Social media lab an unexpected success with AAHSA members

As previewed in last month’s cover story, AAHSA has something a bit different for its members at this week’s annual meeting in Los Angeles: a social media lab—or an intergenerational social media lab, to be precise.

Students from the University of Southern California Davis School of Gerontology have been teaching a surprisingly large and interested crowd of long-term care professionals how to attack social media the only way social media can truly be attacked, from the participation of individuals. After speaking to attendees and AAHSA’s press representatives, I learned the social media lab has sustained heavy, consistent traffic during all open hours on the exhibit floor.

It looks to be true. I saw with my own eyes today almost every seat at the large half-moon table, lined with computer screens displaying Facebook’s landing page, occupied by observant participants.

During the show I caught up with Randy Eilts, director of public relations at GlynnDevins, a senior living consultant specializing in PR and media planning, which partnered with AAHSA to make the social media lab a reality. A brief interview ensued.

Kolus: How has the lab been received by show attendees?

Eilts: There’s been lots of questions from people who are interested in learning more about social media. They know it’s something they should probably be thinking about, maybe they’re starting to dip their toes in the water, but there’s a lot of apprehension too. They’re asking, “What if somebody says something bad, how do we address that?” Or, “What if employees at our communities spend all their time on Facebook?” And you know that’s just a matter of you as an organization having a policy in place that everybody understands on how to use social media.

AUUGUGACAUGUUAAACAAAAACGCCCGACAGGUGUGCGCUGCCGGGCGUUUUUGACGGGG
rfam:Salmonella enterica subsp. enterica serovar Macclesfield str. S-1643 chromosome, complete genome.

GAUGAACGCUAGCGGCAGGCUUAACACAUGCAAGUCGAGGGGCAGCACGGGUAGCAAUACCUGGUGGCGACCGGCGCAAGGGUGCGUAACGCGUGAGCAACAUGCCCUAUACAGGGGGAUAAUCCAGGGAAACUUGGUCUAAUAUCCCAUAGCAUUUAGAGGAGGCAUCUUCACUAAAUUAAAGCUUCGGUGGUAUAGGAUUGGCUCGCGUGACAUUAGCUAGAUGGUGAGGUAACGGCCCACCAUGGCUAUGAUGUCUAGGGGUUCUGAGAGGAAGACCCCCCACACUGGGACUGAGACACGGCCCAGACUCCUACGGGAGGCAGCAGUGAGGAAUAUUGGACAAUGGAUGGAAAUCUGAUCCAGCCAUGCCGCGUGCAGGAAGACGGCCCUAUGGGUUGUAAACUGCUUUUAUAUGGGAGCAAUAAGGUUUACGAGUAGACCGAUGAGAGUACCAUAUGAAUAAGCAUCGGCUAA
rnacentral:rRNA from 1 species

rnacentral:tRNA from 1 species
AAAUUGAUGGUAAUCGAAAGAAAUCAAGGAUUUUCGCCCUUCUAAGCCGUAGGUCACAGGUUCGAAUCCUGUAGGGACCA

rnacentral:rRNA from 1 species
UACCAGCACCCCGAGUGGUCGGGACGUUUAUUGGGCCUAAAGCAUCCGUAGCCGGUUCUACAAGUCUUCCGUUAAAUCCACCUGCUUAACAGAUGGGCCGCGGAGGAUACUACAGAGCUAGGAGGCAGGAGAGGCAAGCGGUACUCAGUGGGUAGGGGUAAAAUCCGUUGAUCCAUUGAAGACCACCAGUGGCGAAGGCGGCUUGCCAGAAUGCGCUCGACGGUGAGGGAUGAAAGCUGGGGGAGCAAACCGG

Kolus: Have attendees shown a basic familiarity with any of the social networking sites?

Eilts: A lot of people really get and understand LinkedIn. They get the professional networking thing because it’s not so much about your private life and sharing like that.

Kolus: What about the other sites—is this where the students come in to play?

Eilts: They have it set up so that if you don’t have a Facebook page or an account on Twitter, the students are here to help you get started and attain a basic understanding of how you can use this and make it work.

Kolus: So far it seems to be popular with everyone participating.

Eilts: It’s been very popular. And we tell our clients that when it comes to marketing, don’t give up what works for you. You can’t rely solely on social media to bring in new residents to your communities, but you can take baby steps using social media to enhance what you do that already works.

Kolus: Anything else you learned this week?

Eilts: It’s very fascinating that this is being received so well. A couple of years ago I think people would have walked past going, “I don’t get it, I don’t understand it.” But you hear about social media all the time and so people are finally figuring out, maybe I need to understand this a little bit more.

For more observations about what participants are saying of the AAHSA social media lab, read the GlynnDevins blog here.

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